Mark Taylor has been as steadfast in his dedication to the instrument as well, to the extent that he has once again released a CD on which the french horn is the lead instrument. His quartet is one that expresses advanced concepts through their music as well, and Taylor’s compositions on Circle Squared serve as the springboard for exciting improvisations that are as thoroughly unpredictable as they are mesmerizing. Both Taylor and pianist Myra Melford have spent time with Threadgill’s groups, and their attitudes toward the music reflect the same sense of freedom within form. “Broken,” for example, proceeds with Taylor’s outlining of the time and chord structure through the repetitive development of quarter-note fifths until a tango by Melford breaks out. With controlled dynamism, Taylor then takes the lead through an ever-rising improvisational drama as the vocal quality of the french horn successfully sings out the melody over a wide range. On the other hand, “Oni” is shaped by Taylor’s and Melford’s intertwining contrapuntal lines over the unobtrusive push of bassist Brad Jones and drummer Matt Wilson. And yet the freedom remains within the meter as Melford splashes and Wilson crashes behind Taylor’s seemingly disconnected playing, descending to the bottom range of his instrument before assuming the original theme for a rousing conclusion. “Alexia’s Rescue” is at first quiet waltz that Taylor plays muted before the group develops the theme built upon beats of five and then seven. Melford is particularly effective in infusing the tune with excitement through the use of note clusters during her solo. “Circle Squared” starts out quietly as well, with just Melford’s spare notes in the upper register of the keyboard, as if in meditation, before she too outlines the tune with the barest of notes in 3/4. The subdued nature of the tune gives Taylor the opportunity to play in balladic form with glowing, evocative tones. And to provide even great variety to the 7 compositions included on Circle Squared, Taylor ends the CD with a light, slightly altered rhumba-like piece, “Helix.” Once again, the tune is built upon Melford’s repeated lines which govern its rhythm as well as its melody.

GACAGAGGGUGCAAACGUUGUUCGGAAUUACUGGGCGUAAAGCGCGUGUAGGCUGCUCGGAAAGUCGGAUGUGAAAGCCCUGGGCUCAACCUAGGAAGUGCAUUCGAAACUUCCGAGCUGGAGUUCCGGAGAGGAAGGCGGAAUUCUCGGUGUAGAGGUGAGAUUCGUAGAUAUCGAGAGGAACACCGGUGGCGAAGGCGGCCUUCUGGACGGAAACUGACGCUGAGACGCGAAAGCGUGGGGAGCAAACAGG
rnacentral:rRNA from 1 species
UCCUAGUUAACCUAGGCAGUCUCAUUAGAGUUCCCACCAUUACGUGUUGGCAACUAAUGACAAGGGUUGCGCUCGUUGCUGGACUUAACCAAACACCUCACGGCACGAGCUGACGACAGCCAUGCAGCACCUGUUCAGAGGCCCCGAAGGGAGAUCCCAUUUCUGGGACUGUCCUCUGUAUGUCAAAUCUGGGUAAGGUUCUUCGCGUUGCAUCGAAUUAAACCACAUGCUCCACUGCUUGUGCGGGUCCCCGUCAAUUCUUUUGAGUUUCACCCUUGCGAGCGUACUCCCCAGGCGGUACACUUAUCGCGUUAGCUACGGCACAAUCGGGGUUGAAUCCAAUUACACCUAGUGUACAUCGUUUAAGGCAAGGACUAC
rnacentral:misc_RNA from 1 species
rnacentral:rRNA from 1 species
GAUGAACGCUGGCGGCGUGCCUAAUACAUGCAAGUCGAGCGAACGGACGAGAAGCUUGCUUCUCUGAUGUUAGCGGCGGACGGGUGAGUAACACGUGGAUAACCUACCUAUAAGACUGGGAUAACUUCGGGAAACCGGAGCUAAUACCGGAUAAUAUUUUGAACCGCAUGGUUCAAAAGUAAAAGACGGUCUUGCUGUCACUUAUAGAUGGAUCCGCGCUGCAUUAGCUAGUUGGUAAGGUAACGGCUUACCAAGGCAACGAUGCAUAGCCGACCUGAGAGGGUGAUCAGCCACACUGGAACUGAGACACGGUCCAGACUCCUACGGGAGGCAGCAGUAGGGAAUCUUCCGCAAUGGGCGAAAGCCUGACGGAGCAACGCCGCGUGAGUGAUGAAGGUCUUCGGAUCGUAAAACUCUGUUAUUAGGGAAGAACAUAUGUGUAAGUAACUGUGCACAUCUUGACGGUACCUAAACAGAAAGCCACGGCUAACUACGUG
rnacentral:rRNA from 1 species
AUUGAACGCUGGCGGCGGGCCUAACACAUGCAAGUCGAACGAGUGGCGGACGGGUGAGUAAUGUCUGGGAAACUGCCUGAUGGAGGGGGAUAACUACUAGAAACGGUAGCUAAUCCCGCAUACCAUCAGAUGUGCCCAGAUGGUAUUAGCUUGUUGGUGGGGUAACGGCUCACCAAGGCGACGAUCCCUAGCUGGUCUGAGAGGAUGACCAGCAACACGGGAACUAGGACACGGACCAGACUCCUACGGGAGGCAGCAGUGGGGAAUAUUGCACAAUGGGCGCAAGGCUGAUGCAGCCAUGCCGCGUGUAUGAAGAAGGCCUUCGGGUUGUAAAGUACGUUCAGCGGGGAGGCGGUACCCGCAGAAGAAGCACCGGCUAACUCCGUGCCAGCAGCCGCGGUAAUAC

Not only is Taylor unconventional in his choice of instrument, but also he is unconventional in the intelligent and free nature of the music he plays on Circle Squared. Backed by like-minded musicians who are invigorated by the challenge of his music, Mark Taylor’s quartet certainly is unlike any other performing in today’s jazz scene. The combination of elaborately written compositions, imaginative professionals and the rarely heard voice of the french horn works supremely well.

Copyright© 2003 JazzReview.com®. All Rights Reserved. - JazzReview.com


JazzReview.com Reviewed by: Don Williamson

Musicians: Mark Taylor (french horn); Myra Melford (piano); Brad Jones (bass); Matt Wilson (drums)

Despite its distinctive mellow tone--or perhaps because of it--the french horn has few practitioners in jazz. Those few like Julius Watkins or Vincent Chancey have become champions of the instrument as they have contributed to some of the more advanced recordings like those of Gil Evans, Lester Bowie or Henry Threadgill.